The Ancient Pueblo People would not let the events as summer or winter solstice go unnoticed; or uncelebrated.

Atop the most famous, imposing Fajada Butte in Chaco Canyon three giant slabs of rocks are leaning against the cliff surface, as if trying to hide the spiral petroglyphs carved upon it.
But on the longest day of the year the carvings cannot hide from the power of the sun, when a vertical shaft of light pierces the larger spiral, cutting it in two. Then, half a year later, on the shortest day of the year – the winter solstice – two different shaft of light would embrace the same spiral, reflecting each other perfectly.

The recognition of the both solstices was very important. But to predict their arrival was as crucial, so more sites, such as another great, multi-roomed and multistoried house on Wijiji, would be used to observe the upcoming event, weeks before it would occur. This way, the time was gained to prepare the elaborated ceremonies and the sun would continue caring for the world, moving upon its usual course willingly, appreciating the efforts of grateful humans.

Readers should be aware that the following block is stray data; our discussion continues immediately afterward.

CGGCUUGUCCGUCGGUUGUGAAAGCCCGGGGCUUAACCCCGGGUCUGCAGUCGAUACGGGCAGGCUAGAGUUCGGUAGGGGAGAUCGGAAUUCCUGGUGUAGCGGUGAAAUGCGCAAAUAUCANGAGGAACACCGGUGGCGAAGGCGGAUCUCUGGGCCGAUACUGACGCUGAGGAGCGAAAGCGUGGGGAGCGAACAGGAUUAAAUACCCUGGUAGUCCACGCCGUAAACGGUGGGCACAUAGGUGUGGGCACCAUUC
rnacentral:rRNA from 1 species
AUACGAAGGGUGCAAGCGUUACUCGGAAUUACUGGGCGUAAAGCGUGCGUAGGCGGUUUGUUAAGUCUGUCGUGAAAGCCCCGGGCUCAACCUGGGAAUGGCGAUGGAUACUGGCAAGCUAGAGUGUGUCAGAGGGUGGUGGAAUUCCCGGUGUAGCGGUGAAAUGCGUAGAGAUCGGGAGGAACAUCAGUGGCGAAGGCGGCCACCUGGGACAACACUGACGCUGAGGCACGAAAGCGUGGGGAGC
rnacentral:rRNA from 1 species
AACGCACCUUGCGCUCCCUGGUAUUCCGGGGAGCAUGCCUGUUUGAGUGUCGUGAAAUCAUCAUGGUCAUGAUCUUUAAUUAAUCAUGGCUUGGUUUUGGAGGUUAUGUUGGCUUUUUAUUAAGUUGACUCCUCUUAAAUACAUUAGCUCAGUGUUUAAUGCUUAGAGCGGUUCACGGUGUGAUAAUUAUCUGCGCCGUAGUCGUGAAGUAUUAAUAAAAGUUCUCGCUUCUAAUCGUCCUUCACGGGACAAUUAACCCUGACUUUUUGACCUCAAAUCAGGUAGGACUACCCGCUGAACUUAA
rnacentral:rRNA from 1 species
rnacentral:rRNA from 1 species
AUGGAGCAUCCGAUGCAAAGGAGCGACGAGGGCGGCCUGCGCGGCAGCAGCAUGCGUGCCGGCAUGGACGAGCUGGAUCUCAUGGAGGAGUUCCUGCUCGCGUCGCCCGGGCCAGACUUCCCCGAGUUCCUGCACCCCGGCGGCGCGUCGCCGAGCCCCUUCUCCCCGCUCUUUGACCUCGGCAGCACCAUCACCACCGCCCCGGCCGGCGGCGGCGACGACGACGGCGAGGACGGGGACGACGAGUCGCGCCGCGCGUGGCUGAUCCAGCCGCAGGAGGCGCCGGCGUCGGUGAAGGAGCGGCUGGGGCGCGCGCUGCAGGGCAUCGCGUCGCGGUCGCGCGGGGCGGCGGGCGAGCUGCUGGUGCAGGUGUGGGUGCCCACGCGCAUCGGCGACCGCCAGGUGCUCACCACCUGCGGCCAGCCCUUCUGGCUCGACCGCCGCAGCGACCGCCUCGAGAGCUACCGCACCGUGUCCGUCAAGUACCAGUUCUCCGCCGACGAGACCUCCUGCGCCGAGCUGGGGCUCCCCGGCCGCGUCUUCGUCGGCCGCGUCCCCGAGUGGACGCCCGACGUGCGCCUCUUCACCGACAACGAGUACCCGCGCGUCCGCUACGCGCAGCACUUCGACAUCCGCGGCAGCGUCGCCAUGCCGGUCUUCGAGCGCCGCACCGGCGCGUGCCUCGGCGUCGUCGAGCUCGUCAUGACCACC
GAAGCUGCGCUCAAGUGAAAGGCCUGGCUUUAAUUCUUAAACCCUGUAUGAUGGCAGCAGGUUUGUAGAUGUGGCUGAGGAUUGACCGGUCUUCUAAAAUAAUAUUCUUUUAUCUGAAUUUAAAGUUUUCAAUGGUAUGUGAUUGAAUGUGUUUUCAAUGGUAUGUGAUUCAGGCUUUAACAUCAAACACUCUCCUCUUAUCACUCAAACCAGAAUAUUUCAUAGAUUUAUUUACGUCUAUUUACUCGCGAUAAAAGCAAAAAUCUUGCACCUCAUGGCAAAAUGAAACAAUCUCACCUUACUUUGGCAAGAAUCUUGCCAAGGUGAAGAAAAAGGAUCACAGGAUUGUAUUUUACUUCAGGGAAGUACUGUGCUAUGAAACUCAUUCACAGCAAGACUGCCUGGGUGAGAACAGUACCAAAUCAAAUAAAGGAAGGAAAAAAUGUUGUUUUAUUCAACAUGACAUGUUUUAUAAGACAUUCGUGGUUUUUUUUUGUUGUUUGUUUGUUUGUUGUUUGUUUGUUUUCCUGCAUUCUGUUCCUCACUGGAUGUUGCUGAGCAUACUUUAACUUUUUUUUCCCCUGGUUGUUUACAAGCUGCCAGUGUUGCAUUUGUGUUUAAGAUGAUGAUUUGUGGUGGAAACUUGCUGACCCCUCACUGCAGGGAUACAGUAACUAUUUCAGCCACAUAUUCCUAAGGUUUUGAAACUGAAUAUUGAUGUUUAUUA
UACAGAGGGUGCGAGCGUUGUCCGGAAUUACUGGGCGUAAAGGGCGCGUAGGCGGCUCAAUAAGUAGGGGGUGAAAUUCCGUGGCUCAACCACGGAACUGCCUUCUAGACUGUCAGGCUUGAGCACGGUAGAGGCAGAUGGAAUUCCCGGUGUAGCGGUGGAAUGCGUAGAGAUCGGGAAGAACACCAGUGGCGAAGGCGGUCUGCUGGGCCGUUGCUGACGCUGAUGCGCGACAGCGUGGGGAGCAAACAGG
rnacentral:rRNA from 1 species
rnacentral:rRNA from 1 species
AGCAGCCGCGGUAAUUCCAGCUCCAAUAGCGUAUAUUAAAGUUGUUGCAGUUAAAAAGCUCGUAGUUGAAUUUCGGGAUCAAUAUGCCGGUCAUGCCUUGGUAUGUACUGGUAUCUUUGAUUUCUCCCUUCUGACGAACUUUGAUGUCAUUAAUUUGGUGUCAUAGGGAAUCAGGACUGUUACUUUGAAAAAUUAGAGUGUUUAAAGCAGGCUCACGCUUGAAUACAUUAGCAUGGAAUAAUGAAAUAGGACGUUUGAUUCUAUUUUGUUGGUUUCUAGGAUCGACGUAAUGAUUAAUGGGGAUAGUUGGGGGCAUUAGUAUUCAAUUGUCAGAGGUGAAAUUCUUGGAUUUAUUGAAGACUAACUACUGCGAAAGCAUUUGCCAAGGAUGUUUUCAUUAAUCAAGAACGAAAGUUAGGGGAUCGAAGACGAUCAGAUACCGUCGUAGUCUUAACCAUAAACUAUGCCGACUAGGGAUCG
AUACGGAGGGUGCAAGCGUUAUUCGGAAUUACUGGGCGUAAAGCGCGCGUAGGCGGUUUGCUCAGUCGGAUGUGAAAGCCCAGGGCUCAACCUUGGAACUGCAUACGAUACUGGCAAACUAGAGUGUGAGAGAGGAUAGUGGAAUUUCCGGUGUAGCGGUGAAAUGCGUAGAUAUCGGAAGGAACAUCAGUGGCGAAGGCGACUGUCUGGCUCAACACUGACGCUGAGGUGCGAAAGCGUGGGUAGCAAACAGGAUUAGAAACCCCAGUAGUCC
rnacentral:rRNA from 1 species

Back atop Fajada Butte, on the spring and fall equinoxes, another dagger of light would reach the center of the smaller spiral, while the large light shaft would shift to the right of the first spiral. And, it’s argued, the same system was used to track the lunar cycle as well.

The Chacoan People would scan the sky carefully, while building their multi-storey, great houses of hundreds, well conditioned rooms. By the 11th century they represented the ceremonial and economic center of the whole region, and their influence spread far and wide. A network of well-planned and well-kept roads connected those hundreds of great ceremonial centers, and probably, the rest of the farming communities. The trade with the south and the northeast had flourished, so event the high-pitched cries of the colorful macaws can be heard in the New Mexican desert.
Nothing seemed to be able to undermine the Great Cliff Dwellers’ ambitious undertakings.

Then the climate began to change…